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Tap your inner genius

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Tap your inner genius #1 (permalink) Mon May 31, 2010 20:32 pm   Tap your inner genius

I was reading an old copy of reader’s digest today. I came across the following article written by Scott Mc Keen. So I decided to share some parts of it with everyone else on I hope you like reading it.

You’ll never know what you’ve got until you try!

What qualification did Kathy Holubitsky have when she sat down to write a novel 12 years ago? In the strictest terms, none at all. Granted, she loved to read, and the 32 year old secondary school library technician was always surrounded by books. But she had no formal training, not even a night class in creative writing.

Holubitsky and her husband, Jeff, were raising two young boys, so she began to write by stealing, an hour here and there after work. Soon the words were pouring out of her. She completed one novel, then another, then another. “I started to write to give myself a creative challenge,” says Holubitsky, “not with any intention to publish.”

Yet two years ago, her young adult novel ‘Alone at Ninety Foot’ became her first published work. Not bad for an untrained writer with no particular ambition for fame. “I still write for myself,” she concludes, “but now I also feel responsible to kids I am writing for.”

Being creative is not only natural, it’s good for you. Creative expression enriches free time, reduces stress and brings better mental and physical health. Creativity can even make you smarter. Neurobiology professor Lawrence Katz, in his book ‘Keep your brain alive’, says routine living dulls our minds. Creative expression gives our brains a workout, activating new circuits in our grey matter.

It demands but one thing of those who reach for its gifts: courage- the courage to be childlike in attempting new things, shrugging off routine and trying something we’re not already good at.

“It’s an act of faith,” says Julia Cameron, author of bestselling book on creativity, The artist’s way. “It takes courage to put paragraphs on a blank page.”

Could you write a novel, paint something suitable for framing or interpret Bach on the hand me down accordion? Here is how to tap into your hidden genius:-

Let it flow:-
Creativity does not necessarily require an act of will or sweat on the brow. “Its just about getting logic,” says Julia Ellis, a university of Alberta education professor.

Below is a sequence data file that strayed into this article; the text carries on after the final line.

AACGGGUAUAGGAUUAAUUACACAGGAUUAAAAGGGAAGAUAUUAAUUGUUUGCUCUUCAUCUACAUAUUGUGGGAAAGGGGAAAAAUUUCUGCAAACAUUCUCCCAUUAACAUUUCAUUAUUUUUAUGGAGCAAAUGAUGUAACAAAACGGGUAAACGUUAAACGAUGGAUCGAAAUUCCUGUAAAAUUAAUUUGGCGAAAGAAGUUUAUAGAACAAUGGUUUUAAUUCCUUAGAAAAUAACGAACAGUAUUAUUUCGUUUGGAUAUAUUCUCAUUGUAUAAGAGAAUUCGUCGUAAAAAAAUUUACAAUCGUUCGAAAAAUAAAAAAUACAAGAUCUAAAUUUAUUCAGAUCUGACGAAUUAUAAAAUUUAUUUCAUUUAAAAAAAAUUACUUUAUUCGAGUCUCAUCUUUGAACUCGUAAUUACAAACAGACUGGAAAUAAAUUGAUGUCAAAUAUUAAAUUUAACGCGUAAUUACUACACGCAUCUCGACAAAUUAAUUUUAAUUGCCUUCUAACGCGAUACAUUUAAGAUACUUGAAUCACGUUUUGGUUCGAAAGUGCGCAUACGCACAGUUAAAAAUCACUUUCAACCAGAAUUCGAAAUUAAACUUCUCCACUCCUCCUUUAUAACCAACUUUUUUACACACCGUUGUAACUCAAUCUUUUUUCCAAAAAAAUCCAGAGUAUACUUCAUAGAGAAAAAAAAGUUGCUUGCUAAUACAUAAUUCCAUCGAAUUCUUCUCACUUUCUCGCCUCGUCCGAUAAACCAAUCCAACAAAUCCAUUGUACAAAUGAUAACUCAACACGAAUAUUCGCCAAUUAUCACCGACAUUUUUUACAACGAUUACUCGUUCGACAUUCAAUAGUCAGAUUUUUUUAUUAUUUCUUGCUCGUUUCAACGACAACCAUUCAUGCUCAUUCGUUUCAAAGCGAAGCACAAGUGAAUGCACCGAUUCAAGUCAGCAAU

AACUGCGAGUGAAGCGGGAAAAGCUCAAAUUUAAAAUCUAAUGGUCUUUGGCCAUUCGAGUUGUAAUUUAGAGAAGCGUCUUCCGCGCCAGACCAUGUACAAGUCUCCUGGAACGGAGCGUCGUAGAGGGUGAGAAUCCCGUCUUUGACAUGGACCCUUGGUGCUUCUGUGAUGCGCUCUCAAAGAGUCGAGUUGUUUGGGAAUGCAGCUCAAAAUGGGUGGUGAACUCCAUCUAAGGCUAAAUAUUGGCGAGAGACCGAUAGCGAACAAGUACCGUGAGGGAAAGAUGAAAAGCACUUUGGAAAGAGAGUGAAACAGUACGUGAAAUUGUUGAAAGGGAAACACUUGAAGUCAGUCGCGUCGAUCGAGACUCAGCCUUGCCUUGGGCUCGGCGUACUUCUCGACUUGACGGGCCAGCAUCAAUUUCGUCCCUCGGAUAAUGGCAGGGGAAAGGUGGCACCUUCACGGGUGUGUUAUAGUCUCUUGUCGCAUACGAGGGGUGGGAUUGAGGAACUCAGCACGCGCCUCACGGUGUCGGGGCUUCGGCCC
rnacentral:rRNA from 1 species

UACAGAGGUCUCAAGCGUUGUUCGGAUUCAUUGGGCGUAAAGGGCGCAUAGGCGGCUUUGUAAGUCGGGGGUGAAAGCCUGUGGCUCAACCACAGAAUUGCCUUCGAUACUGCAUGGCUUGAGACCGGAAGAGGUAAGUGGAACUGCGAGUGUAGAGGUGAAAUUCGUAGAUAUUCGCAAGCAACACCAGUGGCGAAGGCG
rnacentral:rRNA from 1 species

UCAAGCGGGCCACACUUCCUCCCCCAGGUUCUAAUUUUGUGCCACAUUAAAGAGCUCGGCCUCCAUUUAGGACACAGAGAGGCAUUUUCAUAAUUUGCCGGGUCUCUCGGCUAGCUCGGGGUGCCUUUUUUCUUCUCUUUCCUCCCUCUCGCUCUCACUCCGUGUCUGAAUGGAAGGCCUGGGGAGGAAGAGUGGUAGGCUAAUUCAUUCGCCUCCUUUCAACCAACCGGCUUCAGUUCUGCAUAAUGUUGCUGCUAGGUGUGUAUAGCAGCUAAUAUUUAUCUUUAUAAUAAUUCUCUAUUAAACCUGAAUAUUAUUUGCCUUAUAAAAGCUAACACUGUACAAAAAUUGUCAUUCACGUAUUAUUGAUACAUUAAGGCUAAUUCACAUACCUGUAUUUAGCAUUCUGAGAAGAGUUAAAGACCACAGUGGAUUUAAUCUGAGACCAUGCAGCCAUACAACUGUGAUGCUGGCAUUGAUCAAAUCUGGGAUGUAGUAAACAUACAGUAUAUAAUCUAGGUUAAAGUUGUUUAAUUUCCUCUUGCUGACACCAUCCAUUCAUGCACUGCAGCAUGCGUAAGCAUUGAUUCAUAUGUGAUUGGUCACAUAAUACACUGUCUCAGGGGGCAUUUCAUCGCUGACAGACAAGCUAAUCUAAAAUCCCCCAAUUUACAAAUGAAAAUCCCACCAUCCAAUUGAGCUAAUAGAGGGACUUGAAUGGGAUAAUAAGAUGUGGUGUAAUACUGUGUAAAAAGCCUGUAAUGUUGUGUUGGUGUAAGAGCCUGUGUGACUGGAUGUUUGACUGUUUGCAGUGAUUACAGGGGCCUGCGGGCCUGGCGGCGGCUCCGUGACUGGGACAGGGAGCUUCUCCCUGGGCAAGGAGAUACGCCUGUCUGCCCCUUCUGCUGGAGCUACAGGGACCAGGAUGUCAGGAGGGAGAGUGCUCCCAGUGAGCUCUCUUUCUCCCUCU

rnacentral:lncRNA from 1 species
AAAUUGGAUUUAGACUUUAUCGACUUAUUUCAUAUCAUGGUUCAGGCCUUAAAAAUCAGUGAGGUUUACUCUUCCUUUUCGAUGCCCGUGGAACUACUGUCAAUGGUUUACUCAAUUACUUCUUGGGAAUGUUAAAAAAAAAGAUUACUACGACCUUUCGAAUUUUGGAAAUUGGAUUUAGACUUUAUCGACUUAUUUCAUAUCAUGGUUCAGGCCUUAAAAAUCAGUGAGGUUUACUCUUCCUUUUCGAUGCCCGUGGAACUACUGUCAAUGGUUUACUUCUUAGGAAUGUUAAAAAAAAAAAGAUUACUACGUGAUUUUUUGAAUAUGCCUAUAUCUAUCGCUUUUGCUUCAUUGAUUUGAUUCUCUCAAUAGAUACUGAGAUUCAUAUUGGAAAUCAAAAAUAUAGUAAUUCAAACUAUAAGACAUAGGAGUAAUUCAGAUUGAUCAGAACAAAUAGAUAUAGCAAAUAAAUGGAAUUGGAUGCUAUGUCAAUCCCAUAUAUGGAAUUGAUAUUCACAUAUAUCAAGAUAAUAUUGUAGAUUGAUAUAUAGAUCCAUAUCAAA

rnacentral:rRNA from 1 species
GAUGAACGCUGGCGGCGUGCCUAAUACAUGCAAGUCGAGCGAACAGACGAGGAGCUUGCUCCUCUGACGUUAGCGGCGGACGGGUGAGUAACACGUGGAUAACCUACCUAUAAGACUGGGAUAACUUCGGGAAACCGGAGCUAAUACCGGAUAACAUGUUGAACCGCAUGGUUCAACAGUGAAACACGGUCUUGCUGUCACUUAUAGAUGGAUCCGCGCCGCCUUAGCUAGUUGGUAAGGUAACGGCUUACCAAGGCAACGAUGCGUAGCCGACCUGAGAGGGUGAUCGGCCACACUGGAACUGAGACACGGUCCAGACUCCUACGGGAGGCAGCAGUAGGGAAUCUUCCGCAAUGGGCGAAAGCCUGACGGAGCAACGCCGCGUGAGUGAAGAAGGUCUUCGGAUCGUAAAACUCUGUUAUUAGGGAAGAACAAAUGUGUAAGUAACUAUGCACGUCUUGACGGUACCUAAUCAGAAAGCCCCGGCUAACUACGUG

Start something…anything
One school of thought says you already know, deep down, what you’d like to try: water colours, perhaps, or pottery, poetry, gardening, classic car restoration or choral singing.
Another strategy is to just begin trying things. So take an art class and decide if it’s for you. If it isn’t try something else. The hunt can be half the fun.
Cameron suggests writing a list of wishes or dreams in quick succession. Inner censor will come up with countless reasons why you can’t do something new and creative: I have no talent; I’m not smart enough; I’m not gifted.
“The way I look at it, ability or intelligence doesn’t limit people’s creativity,” says Stanford University professor Jim Adams, he continues “If you want to be more creative, you have to take more risks. That’s what inhibits most people.”

Get out of box:-
Siler says the simplest way to kindle our creative fire is to take everyday tasks and make them more exciting or meaningful. Look for alternatives, maybe a new routine change.

Cameron prescription for sparkling creativity is to get up earlier and use a writing technique called morning pages: You write three long hand pages about anything. What does writing meditation do for the creative wanna-be? It clears the mind and opens up possibilities and wishes that we hold inside. The beauty of it is that there’s no right way to do them, so you inner critic has no standing.
Go to different places, browse in a n art shop, listen to music or take in sights.

Be prepared for a change
“I always advise people to take a chance on something they’ve always wanted to do,” says Adams. “Often that something is consistent with your talents and abilities. Unfortunately, a lot of people live and die with that one wish unfulfilled.”

Be spontaneous
Tod Siler says that cynicism, which he describes as feeling like nothing is worth doing, is often the nemesis of creativity. “Cynicism sucks life out of you,” says Siler. “Creativity puts life into you.”

Just a confused kid... trying to live through twists & turns of life!
Everything Is Temporary!
I'm here quite often ;-)

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